COVID-19 (C-19) has presented the ultimate Tower moment, where life as we have known it has been flipped on its head. Prior to the virus, many had plans to go to college or take a gap year and essentially live their best lives. They were probably looking forward to taking the road most traveled by: higher education, which leads to good job with benefits, meeting and marrying the love of their life, and retiring well off. Financial stability, love, and good emotional and mental health, this is the American dream. It’s also the misconception about adulting; that at some point we will have everything together. I think we’ve almost accepted that we’re not perfect and that things can fall through the cracks. If only we could extend this grace and wisdom to the youth…

I look back on most of my life, and I see that I equated who I was with what I did and was only happy when I was excelling at it, whether it be in academics or athletics. I defined myself by a summary of my accomplishments and goals not knowing who I truly was. I was a track and field athlete in pursuit of the olympics from the age of sixteen. My need to run was so engrained in me from the age of eight that I didn’t know who I was without it. I didn’t want to know who I was without it, but there came a day when I had no choice but to walk away from that piece of my identity. I was twenty two with no identity and even after acquiring a Masters degree in Film and Media, I took on the identity of “grad student filmmaker”. I was still seeing myself through the lens of my actions and valued myself according to what I was doing. It’s a common trap to fall into, and it wasn’t until everything was stripped from me that I truly saw who I was and what I brought to the table. It is my hope that the youth don’t have to lose pieces of themselves to find themselves the way I did. I hope they find themselves through joy and that they excel at everything they put their minds and hands to with support from their parents and guardians, so adults, please put yourselves in remembrance of a few things:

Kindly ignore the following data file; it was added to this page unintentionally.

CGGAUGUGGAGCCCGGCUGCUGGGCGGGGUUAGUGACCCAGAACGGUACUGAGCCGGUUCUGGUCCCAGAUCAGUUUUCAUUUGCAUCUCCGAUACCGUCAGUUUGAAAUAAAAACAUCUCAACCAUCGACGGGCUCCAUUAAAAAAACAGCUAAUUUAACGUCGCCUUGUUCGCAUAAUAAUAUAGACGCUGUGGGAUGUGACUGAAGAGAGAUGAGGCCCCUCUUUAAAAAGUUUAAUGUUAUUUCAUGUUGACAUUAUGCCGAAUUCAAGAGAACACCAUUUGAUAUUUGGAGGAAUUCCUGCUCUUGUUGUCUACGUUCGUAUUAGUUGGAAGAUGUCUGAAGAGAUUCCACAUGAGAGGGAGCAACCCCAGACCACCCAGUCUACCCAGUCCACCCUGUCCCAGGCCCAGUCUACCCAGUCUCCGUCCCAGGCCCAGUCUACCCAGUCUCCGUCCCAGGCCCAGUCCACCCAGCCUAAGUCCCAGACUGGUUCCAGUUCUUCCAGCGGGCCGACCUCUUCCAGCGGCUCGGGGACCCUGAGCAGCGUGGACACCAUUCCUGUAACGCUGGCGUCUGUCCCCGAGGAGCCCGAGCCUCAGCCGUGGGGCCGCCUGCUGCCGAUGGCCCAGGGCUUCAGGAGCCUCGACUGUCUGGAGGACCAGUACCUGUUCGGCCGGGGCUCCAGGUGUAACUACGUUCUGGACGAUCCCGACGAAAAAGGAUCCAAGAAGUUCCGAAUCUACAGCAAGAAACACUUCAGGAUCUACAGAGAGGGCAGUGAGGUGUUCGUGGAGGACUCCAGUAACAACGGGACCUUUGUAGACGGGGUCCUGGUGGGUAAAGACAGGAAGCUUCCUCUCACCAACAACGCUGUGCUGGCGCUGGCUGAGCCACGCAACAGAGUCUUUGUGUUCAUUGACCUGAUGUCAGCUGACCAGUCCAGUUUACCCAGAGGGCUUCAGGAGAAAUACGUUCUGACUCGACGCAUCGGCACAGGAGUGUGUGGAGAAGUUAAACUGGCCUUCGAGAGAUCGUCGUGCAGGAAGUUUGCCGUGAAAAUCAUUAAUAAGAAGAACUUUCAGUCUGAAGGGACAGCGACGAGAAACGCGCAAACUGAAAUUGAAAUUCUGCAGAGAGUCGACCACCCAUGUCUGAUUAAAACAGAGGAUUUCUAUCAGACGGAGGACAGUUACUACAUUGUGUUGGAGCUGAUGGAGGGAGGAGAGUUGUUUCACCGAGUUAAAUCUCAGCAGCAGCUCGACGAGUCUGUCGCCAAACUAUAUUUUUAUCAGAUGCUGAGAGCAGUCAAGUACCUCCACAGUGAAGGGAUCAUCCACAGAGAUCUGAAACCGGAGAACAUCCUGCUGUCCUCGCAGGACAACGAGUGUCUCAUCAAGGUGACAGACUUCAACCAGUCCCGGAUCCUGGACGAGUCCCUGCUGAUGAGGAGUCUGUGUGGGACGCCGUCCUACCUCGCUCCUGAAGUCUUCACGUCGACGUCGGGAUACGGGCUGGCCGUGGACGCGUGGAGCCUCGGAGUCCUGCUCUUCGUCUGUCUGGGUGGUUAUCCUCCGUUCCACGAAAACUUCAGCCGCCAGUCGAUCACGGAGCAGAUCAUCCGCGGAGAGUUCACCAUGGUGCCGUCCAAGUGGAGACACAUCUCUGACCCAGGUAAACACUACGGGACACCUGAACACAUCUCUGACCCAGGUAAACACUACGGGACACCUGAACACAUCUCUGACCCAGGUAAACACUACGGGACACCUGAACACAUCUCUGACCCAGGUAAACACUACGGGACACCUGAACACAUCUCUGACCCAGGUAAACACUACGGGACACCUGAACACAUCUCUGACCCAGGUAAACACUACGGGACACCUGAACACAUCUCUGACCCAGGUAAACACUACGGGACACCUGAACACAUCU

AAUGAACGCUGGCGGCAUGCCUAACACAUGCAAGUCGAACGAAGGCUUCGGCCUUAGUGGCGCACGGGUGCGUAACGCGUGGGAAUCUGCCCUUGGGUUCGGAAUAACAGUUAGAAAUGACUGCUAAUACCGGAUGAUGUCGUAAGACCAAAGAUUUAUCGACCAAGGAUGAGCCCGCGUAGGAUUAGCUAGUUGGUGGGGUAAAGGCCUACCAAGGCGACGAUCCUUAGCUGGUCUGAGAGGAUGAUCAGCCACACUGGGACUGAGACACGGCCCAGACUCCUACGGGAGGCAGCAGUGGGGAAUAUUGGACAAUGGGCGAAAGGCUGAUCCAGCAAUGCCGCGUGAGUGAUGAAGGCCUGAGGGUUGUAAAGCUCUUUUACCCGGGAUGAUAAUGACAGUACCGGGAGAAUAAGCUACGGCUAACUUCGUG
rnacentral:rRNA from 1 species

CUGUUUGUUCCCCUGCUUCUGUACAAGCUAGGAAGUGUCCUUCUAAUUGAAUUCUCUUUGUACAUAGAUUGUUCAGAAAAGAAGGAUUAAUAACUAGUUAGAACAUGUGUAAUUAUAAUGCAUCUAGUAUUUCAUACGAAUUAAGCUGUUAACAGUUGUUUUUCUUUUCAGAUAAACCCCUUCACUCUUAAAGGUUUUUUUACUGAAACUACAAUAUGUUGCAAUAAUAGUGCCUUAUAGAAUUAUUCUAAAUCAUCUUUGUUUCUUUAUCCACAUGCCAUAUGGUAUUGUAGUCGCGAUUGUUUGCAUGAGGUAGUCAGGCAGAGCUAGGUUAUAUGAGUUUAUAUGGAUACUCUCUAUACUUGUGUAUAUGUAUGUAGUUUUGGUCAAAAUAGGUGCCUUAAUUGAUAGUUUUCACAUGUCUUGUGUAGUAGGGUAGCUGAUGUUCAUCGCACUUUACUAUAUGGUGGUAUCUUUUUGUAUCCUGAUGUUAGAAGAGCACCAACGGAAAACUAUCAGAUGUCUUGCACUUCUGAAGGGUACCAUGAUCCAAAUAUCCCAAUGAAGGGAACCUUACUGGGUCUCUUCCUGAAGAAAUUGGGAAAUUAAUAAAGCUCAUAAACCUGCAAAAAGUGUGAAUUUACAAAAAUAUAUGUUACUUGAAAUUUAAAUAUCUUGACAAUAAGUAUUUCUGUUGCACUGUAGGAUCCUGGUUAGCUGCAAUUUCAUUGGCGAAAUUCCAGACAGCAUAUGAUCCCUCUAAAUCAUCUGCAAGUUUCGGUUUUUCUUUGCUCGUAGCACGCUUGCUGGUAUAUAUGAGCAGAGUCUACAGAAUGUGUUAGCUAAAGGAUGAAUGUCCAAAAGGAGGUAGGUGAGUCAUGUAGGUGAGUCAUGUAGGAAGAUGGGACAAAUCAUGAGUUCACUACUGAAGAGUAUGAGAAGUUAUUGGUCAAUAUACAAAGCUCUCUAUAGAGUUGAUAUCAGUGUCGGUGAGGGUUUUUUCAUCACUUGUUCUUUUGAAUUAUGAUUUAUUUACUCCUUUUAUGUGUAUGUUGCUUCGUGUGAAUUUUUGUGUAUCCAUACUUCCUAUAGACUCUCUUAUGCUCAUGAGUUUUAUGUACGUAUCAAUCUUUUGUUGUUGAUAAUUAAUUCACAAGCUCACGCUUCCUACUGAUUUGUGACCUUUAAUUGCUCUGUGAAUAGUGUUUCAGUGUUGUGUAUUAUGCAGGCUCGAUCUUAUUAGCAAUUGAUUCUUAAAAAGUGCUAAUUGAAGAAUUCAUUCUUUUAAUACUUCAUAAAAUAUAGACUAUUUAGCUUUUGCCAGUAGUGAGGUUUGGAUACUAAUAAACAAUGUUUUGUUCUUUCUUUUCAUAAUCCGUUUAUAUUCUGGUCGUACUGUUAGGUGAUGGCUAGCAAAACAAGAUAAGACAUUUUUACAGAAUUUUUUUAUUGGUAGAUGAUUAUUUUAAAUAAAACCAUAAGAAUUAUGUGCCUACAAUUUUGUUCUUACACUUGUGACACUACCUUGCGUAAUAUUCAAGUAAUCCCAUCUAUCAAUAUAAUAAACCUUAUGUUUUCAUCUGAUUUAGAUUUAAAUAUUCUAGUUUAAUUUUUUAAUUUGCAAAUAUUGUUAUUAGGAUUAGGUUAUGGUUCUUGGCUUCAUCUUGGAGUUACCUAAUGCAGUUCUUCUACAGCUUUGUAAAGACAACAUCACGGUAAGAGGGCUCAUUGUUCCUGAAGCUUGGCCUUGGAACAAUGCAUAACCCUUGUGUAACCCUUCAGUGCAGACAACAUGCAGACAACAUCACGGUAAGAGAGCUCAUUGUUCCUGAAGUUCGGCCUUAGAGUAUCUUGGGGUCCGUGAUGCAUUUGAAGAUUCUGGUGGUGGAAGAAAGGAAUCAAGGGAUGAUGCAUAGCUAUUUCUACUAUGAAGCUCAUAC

• You are their first teacher. They learn how to respond to success and failures through you.
  • Tell them you love them, even when they’ve done nothing but sit on the couch watching Naruto all day. It shows that you see them, even when they haven’t necessarily done anything.
  • Validate their emotions, even when you feel they are in the wrong. Everyone is entitled to their emotions. It is our responsibility as adults to facilitate and aid them in navigating them.
  • Affirm who they are in the home before the world gets a chance to.

One of my favorite quotes is, “we are our ancestors wildest dreams”. It comforts me to know they are out there supporting my journey. How much more of an impact will your words have on your children with you present being a present force in their lives? They may or may not know who they are, but when you facilitate the journey with love, you’ll be amazed at the discoveries you make together.